William Knowles: Chemist who won the Nobel Prize at 84


Martin Childs
Monday 25 June 2012 11:06
William Knowles (left) receives the Nobel Prize in chemistry from King Carl XVI Gustaf of Sweden
William Knowles (left) receives the Nobel Prize in chemistry from King Carl XVI Gustaf of Sweden

William Knowles, whose work is said to have “changed the face of modern medicine”, shared the 2001 Nobel Prize for Chemistry for developing the first chiral catalysts, which led to safer methods of manufacturing a number of medicines including antibiotics and heart drugs, and L-dopa, which is used for the treatment of Parkinson's disease.

Knowles, an organic chemist, shared the prize with Ryoji Noyori of Nagoya University, Japan, who redesigned the catalyst to expand its use, and K Barry Sharpless of the Scripps Research Institute in San Diego, who refined it to make it apply to almost all molecules.

Upon hearing he had won the Nobel Prize at the age of 84, Knowles recalled, “I never even thought such a thing was in the offing... I've been retired and out of the running for some time. It overwhelmed me.” He gave some of the prize money of more than $200,000 to colleagues who had collaborated on the research and donated the rest to Harvard and Columbia universities.

Born in Taunton, Massachusetts in June 1917, William Standish Knowles was the son of a textile mill owner while his mother tended home; he recalled that she would have gone to medical school in “a more enlightened era”. After boarding school, where Knowles excelled at mathematics and science, he studied chemistry at Harvard University and completed his doctorate in steroid chemistry at Columbia in 1942. He later said, “At Harvard competition was fierce and I always got a solid B, but not the straight As of many of my classmates. These were the days when most got a gentleman's C.”

With the US having only recently entered the Second World War, and given the shortage of chemists, Knowles, who believed the “industry would hire any chemist that could breathe,” was fast-tracked to the chemical giant Monsanto in Dayton, Ohio, where he worked on military projects, including the manufacture of chemicals for explosives and mite repellent for soldiers' clothing. He then transferred to company headquarters in St Louis, in 1944, where he worked until his retirement in 1986.

Knowles' work concerned a long-standing problem in organic chemistry. Just as the left hand is a mirror image of the right, many molecules come in two forms, called chiral forms, identical in chemical composition but mirror images of each other. The two forms can have very different properties and markedly different effects upon the body - one beneficial, the other toxic. For example, one version of the molecule limonene smells of oranges, but its mirror image has a lemony, turpentine-like odour.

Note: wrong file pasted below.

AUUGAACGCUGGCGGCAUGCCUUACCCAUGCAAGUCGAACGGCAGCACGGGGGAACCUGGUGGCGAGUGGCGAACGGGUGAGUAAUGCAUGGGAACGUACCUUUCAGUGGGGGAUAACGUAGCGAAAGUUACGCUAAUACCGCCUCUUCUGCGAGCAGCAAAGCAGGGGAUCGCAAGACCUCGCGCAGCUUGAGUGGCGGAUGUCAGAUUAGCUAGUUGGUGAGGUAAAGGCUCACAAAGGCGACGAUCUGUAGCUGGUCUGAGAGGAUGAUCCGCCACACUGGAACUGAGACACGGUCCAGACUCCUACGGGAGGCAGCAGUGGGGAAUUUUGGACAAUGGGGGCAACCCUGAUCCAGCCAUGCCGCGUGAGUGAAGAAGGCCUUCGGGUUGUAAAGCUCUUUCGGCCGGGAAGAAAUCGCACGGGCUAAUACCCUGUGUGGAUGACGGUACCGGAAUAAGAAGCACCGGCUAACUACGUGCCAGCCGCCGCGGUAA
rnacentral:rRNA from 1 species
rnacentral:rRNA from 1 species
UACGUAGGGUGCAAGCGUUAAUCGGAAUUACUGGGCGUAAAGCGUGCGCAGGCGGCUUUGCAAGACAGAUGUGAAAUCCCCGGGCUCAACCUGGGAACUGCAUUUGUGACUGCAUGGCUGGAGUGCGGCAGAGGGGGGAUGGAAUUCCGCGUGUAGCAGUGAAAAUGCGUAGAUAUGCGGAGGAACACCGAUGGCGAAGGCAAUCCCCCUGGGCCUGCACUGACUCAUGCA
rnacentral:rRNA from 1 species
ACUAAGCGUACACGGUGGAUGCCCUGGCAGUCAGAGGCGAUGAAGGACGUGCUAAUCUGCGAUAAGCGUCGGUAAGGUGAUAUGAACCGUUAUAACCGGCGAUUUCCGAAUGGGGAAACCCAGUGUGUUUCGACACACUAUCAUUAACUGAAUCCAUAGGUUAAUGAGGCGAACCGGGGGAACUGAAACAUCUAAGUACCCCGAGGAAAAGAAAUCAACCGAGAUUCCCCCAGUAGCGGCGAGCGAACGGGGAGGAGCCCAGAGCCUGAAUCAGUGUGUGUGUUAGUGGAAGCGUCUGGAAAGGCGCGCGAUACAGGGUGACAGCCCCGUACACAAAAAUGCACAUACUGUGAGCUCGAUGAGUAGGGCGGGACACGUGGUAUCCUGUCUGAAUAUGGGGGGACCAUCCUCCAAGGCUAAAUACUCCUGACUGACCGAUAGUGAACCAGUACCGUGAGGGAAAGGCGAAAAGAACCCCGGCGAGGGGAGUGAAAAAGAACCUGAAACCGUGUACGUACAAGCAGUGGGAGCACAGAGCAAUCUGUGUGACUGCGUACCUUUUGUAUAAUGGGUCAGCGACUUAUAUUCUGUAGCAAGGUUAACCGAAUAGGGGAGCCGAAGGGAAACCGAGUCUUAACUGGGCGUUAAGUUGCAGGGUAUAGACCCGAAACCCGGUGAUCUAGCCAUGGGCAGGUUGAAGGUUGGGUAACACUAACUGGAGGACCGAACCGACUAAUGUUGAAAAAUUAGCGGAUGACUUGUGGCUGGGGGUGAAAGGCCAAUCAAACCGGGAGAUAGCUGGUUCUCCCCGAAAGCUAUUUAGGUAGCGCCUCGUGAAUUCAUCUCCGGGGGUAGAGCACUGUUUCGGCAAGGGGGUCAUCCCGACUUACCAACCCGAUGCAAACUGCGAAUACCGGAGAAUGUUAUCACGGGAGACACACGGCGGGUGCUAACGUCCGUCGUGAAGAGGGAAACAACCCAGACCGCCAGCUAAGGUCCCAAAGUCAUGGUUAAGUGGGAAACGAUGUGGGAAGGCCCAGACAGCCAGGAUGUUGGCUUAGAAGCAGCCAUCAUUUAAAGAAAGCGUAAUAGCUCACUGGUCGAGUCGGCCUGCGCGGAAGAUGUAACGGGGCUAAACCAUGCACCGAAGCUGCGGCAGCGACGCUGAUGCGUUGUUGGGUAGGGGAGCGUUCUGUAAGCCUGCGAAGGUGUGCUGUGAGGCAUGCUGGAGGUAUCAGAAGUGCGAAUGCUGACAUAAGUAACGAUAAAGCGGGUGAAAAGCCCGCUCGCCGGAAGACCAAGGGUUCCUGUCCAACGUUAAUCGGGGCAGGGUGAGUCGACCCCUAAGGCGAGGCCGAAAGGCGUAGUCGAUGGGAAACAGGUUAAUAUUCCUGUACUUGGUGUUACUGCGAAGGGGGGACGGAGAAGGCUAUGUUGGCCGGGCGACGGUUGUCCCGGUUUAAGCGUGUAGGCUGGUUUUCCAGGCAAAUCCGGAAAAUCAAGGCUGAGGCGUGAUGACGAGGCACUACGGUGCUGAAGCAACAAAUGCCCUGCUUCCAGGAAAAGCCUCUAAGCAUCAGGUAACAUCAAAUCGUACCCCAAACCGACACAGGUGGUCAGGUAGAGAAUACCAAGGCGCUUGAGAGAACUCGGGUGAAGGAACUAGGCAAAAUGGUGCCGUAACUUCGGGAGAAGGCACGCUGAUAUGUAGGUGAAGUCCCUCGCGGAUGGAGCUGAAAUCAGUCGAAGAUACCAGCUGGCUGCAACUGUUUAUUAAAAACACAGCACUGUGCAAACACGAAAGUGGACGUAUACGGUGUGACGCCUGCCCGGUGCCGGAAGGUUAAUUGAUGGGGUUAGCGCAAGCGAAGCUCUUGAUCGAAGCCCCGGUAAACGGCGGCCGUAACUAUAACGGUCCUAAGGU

Another example was thalidomide, a drug developed in the 1950s by a German pharmaceutical company, to ease nausea in pregnant women. One “hand” of the molecule did just that, but it (or its mirror image), also caused deformities in tens of thousands of infants across the world, as testing had not been rigorous enough. It was withdrawn by 1962.

The drug L-dopa was another chiral example. In its left-handed, “L” form, it reduces Parkinson's symptoms such as tremors and rigidity. In its “D” (D-dopa) form, however, it is toxic. During the 1960s the standard process to make L-dopa yielded equal amounts of the two forms. But separating them after they were made was time-consuming and expensive.

Between 1968 and 1972, Knowles and his team developed a way of improving the manufacturing process by using a new catalyst to produce more of the most desirable form of certain molecules, including L-dopa. He developed a process called asymmetric hydrogenation, which uses a catalyst not just to speed up the reaction but also to skew it to produce 97.5 per cent L-dopa and only 2.5 per cent of the unwanted D-dopa. Monsanto then began large-scale production of the drug, which is still in use, particularly in the treatment of early-stage Parkinson's.

With many pharmaceutical drugs being chiral, Knowles' breakthrough ushered in a new era of pharmaceutical development. K Barry Sharpless expanded the process to produce beta-blockers used in treating heart conditions, anti-inflammatory medicines and many other drugs.

Upon retirement, Knowles continued to lecture and did consultancy work, while spending more time on his outdoor pursuits of cycling, fly-fishing and hiking. He received a number of honours and awards, and he also became an active conservationist.

William Knowles, chemist: born Taunton, Massachusetts 1 June 1917; married 1945 Nancy (three daughters, one son); died Chesterfield, Missouri 13 June 2012.

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